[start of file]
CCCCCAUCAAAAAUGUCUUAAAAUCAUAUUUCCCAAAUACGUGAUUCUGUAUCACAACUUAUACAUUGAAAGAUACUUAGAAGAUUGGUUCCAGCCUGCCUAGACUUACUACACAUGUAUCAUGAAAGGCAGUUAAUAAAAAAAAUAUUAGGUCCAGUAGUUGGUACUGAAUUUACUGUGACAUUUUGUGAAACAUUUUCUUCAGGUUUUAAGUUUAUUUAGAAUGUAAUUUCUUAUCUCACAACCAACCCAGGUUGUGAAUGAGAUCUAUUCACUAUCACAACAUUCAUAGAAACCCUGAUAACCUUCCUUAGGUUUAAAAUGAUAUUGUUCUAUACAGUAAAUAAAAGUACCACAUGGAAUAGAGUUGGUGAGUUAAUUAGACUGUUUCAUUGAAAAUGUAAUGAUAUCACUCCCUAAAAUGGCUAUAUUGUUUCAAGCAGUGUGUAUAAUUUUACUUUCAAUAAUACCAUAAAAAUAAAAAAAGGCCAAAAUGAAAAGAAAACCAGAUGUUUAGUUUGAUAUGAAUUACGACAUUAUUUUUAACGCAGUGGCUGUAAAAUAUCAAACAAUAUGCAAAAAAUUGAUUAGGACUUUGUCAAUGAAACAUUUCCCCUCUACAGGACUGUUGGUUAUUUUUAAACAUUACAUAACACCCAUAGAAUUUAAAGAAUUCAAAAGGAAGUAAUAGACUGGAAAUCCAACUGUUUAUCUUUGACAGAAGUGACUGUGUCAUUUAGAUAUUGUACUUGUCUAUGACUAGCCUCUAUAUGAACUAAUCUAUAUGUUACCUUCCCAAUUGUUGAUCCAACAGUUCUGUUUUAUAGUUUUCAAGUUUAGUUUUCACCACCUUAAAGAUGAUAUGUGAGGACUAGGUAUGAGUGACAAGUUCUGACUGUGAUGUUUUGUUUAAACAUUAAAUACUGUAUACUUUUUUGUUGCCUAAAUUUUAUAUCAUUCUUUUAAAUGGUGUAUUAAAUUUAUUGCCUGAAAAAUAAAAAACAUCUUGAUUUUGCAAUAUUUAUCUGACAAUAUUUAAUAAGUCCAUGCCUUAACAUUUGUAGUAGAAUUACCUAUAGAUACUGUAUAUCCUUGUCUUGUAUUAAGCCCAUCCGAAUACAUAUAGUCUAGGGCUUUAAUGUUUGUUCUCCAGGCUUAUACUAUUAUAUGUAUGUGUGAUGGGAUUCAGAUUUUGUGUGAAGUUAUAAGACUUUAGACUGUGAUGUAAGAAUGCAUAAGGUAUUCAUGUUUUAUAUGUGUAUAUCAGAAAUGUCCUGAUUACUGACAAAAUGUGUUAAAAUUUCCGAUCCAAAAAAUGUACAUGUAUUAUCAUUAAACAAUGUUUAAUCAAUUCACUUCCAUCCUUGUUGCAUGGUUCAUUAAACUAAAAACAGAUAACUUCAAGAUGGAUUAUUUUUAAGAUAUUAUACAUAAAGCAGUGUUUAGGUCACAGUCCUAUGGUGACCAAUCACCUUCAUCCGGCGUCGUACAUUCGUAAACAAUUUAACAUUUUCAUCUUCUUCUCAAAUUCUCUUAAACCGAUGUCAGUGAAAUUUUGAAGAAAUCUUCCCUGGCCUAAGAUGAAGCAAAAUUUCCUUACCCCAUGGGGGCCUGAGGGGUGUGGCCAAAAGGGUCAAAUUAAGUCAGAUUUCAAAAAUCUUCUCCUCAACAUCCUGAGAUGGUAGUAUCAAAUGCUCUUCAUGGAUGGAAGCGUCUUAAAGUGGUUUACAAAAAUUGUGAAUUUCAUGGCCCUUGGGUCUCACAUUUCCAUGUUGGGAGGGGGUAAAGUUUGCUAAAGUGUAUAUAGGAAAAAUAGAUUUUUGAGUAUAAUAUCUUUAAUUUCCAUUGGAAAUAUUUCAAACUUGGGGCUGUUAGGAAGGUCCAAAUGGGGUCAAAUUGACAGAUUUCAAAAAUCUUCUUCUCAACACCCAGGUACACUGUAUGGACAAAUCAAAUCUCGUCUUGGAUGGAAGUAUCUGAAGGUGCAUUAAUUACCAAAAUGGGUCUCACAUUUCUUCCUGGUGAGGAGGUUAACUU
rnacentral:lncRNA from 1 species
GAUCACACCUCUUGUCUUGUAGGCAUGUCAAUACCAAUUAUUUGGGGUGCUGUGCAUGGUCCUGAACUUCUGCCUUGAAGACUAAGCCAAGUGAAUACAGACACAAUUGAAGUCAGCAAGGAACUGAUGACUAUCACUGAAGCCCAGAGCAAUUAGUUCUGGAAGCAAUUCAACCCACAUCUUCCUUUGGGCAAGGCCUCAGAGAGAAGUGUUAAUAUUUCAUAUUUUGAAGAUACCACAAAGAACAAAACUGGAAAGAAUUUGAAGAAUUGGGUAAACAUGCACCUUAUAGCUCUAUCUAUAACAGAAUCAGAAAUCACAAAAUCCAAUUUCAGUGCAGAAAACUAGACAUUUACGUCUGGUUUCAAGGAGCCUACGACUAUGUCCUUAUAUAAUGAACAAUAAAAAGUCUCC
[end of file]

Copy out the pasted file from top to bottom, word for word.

CCCCCAUCAAAAAUGUCUUAAAAUCAUAUUUCCCAAAUACGUGAUUCUGUAUCACAACUUAUACAUUGAAAGAUACUUAGAAGAUUGGUUCCAGCCUGCCUAGACUUACUACACAUGUAUCAUGAAAGGCAGUUAAUAAAAAAAAUAUUAGGUCCAGUAGUUGGUACUGAAUUUACUGUGACAUUUUGUGAAACAUUUUCUUCAGGUUUUAAGUUUAUUUAGAAUGUAAUUUCUUAUCUCACAACCAACCCAGGUUGUGAAUGAGAUCUAUUCACUAUCACAACAUUCAUAGAAACCCUGAUAACCUUCCUUAGGUUUAAAAUGAUAUUGUUCUAUACAGUAAAUAAAAGUACCACAUGGAAUAGAGUUGGUGAGUUAAUUAGACUGUUUCAUUGAAAAUGUAAUGAUAUCACUCCCUAAAAUGGCUAUAUUGUUUCAAGCAGUGUGUAUAAUUUUACUUUCAAUAAUACCAUAAAAAUAAAAAAAGGCCAAAAUGAAAAGAAAACCAGAUGUUUAGUUUGAUAUGAAUUACGACAUUAUUUUUAACGCAGUGGCUGUAAAAUAUCAAACAAUAUGCAAAAAAUUGAUUAGGACUUUGUCAAUGAAACAUUUCCCCUCUACAGGACUGUUGGUUAUUUUUAAACAUUACAUAACACCCAUAGAAUUUAAAGAAUUCAAAAGGAAGUAAUAGACUGGAAAUCCAACUGUUUAUCUUUGACAGAAGUGACUGUGUCAUUUAGAUAUUGUACUUGUCUAUGACUAGCCUCUAUAUGAACUAAUCUAUAUGUUACCUUCCCAAUUGUUGAUCCAACAGUUCUGUUUUAUAGUUUUCAAGUUUAGUUUUCACCACCUUAAAGAUGAUAUGUGAGGACUAGGUAUGAGUGACAAGUUCUGACUGUGAUGUUUUGUUUAAACAUUAAAUACUGUAUACUUUUUUGUUGCCUAAAUUUUAUAUCAUUCUUUUAAAUGGUGUAUUAAAUUUAUUGCCUGAAAAAUAAAAAACAUCUUGAUUUUGCAAUAUUUAUCUGACAAUAUUUAAUAAGUCCAUGCCUUAACAUUUGUAGUAGAAUUACCUAUAGAUACUGUAUAUCCUUGUCUUGUAUUAAGCCCAUCCGAAUACAUAUAGUCUAGGGCUUUAAUGUUUGUUCUCCAGGCUUAUACUAUUAUAUGUAUGUGUGAUGGGAUUCAGAUUUUGUGUGAAGUUAUAAGACUUUAGACUGUGAUGUAAGAAUGCAUAAGGUAUUCAUGUUUUAUAUGUGUAUAUCAGAAAUGUCCUGAUUACUGACAAAAUGUGUUAAAAUUUCCGAUCCAAAAAAUGUACAUGUAUUAUCAUUAAACAAUGUUUAAUCAAUUCACUUCCAUCCUUGUUGCAUGGUUCAUUAAACUAAAAACAGAUAACUUCAAGAUGGAUUAUUUUUAAGAUAUUAUACAUAAAGCAGUGUUUAGGUCACAGUCCUAUGGUGACCAAUCACCUUCAUCCGGCGUCGUACAUUCGUAAACAAUUUAACAUUUUCAUCUUCUUCUCAAAUUCUCUUAAACCGAUGUCAGUGAAAUUUUGAAGAAAUCUUCCCUGGCCUAAGAUGAAGCAAAAUUUCCUUACCCCAUGGGGGCCUGAGGGGUGUGGCCAAAAGGGUCAAAUUAAGUCAGAUUUCAAAAAUCUUCUCCUCAACAUCCUGAGAUGGUAGUAUCAAAUGCUCUUCAUGGAUGGAAGCGUCUUAAAGUGGUUUACAAAAAUUGUGAAUUUCAUGGCCCUUGGGUCUCACAUUUCCAUGUUGGGAGGGGGUAAAGUUUGCUAAAGUGUAUAUAGGAAAAAUAGAUUUUUGAGUAUAAUAUCUUUAAUUUCCAUUGGAAAUAUUUCAAACUUGGGGCUGUUAGGAAGGUCCAAAUGGGGUCAAAUUGACAGAUUUCAAAAAUCUUCUUCUCAACACCCAGGUACACUGUAUGGACAAAUCAAAUCUCGUCUUGGAUGGAAGUAUCUGAAGGUGCAUUAAUUACCAAAAUGGGUCUCACAUUUCUUCCUGGUGAGGAGGUUAACUU
rnacentral:lncRNA from 1 species
GAUCACACCUCUUGUCUUGUAGGCAUGUCAAUACCAAUUAUUUGGGGUGCUGUGCAUGGUCCUGAACUUCUGCCUUGAAGACUAAGCCAAGUGAAUACAGACACAAUUGAAGUCAGCAAGGAACUGAUGACUAUCACUGAAGCCCAGAGCAAUUAGUUCUGGAAGCAAUUCAACCCACAUCUUCCUUUGGGCAAGGCCUCAGAGAGAAGUGUUAAUAUUUCAUAUUUUGAAGAUACCACAAAGAACAAAACUGGAAAGAAUUUGAAGAAUUGGGUAAACAUGCACCUUAUAGCUCUAUCUAUAACAGAAUCAGAAAUCACAAAAUCCAAUUUCAGUGCAGAAAACUAGACAUUUACGUCUGGUUUCAAGGAGCCUACGACUAUGUCCUUAUAUAAUGAACAAUAAAAAGUCUCC